What is needed is fusion, not fission.

In fission, a process of decay causes material to split apart, creating a great deal of heat and, over time, lead. In fusion, simpler elements combine to form more complex elements, which take on features and qualities that the constituent ingredients did not possess. Hence, we call our concept "Fusion Management."

Your work in Six Sigma and the integration of quality, regulatory and business management systems has led to the development of your book Fusion Management. Can you tell us what the book is about?

Stanley Marash:

There has been no true breakthrough in the discipline of quality since 1931. There have only been fads and what I call programmes du jour. Each has merit, but too often companies get caught up in the more superficial aspects of these programmes - choosing smoke and mirrors over real opportunities for process improvement.

As CEO of one of the largest management system training and consulting firms in North America, I draw on more than 40 years of experience working with some of the largest corporations in the United States, Europe and Asia to cut through the hype surrounding such well-known quality techniques as Six Sigma, Lean, ISO 9001:2000, Baldrige and others. Fusion Management can help your organization achieve true performance breakthroughs by unlocking the best quality secrets of the past century. With Fusion Management you will understand why your management system initiatives may be wasteful or duplicative, learn why past management initiatives failed, gain knowledge to avoid future failures and become skilled in applying the best modern management approaches to your business to achieve quantifiable business results.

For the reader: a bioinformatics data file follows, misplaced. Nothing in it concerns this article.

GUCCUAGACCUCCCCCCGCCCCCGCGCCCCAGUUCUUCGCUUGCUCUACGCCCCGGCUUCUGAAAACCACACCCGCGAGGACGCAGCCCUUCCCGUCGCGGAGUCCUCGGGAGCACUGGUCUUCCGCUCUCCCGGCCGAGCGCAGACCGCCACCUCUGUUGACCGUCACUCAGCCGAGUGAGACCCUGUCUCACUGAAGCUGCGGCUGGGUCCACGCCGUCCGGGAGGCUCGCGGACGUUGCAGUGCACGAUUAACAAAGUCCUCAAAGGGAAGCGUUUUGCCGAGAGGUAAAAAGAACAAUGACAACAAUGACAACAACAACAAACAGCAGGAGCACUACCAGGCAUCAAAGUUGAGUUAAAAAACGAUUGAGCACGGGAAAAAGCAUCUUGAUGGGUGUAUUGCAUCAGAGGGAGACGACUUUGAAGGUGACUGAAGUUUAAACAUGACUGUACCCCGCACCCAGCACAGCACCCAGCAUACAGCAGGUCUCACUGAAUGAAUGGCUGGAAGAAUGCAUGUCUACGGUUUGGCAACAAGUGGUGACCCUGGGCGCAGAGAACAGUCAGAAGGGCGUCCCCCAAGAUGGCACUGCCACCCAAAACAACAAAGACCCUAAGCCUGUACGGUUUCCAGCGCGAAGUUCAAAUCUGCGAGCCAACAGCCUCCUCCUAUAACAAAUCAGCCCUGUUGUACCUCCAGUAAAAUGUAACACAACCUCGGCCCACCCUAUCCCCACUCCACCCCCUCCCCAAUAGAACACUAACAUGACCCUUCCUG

You are founder and CEO of the STAT-A-MATRIX organization where you consult and lecture throughout the world to heads of state and corporations on regulatory and compliance processes. What have been some of your key challenges in this role?

Stanley Marash:

In the past, the greatest challenge has been to remain a step ahead of the latest programme du jour. Currently - as in the past - organizations are influenced by regulatory and compliance factors as the greatest drivers for applying a new management system. Most often, as soon as many of the organizations have finished their audit or done one project, they put away their focus and revert to their previous approaches.

The challenge here is to get the Senior Executive Team to focus on the customer and on the model that incorporates a strategic plan that fuses together the Strategic, Business Plan, Quality Plan and Regulatory Plan.

Finally, an article on our Web site states that whereas the 20th century has been described as the "century of productivity", predictions are being made that the 21st century will be regarded as the "century of quality". However, the shape that quality management may take is very unclear. What are your opinions of the future role of quality?

Stanley Marash:

The function called "quality" will be absorbed. For instance:

  • Many people would like to see the word "quality" taken out of the Malcolm Baldrige National Quality Award;
  • Organizations are changing the roles of quality in their enterprise and the reason for continuing to have a quality department will go away as regulators and certification bodies agree NOT to require a function called "quality." Many enterprises with Six Sigma activities will keep the quality and Six Sigma activities separate;
  • Customer focus will continue to grow while cross-enterprise teams continue to work together to improve quality, productivity at customer and supplier activities.

The "century of quality" will not appear to be the same in the 21st century, but what is really happening, "Fusion Management," will cause the transition to take place by taking the best of each experience and developing a whole new approach.

To find out more about Stanley Marash and the STAT-A-MATRIX organization, visit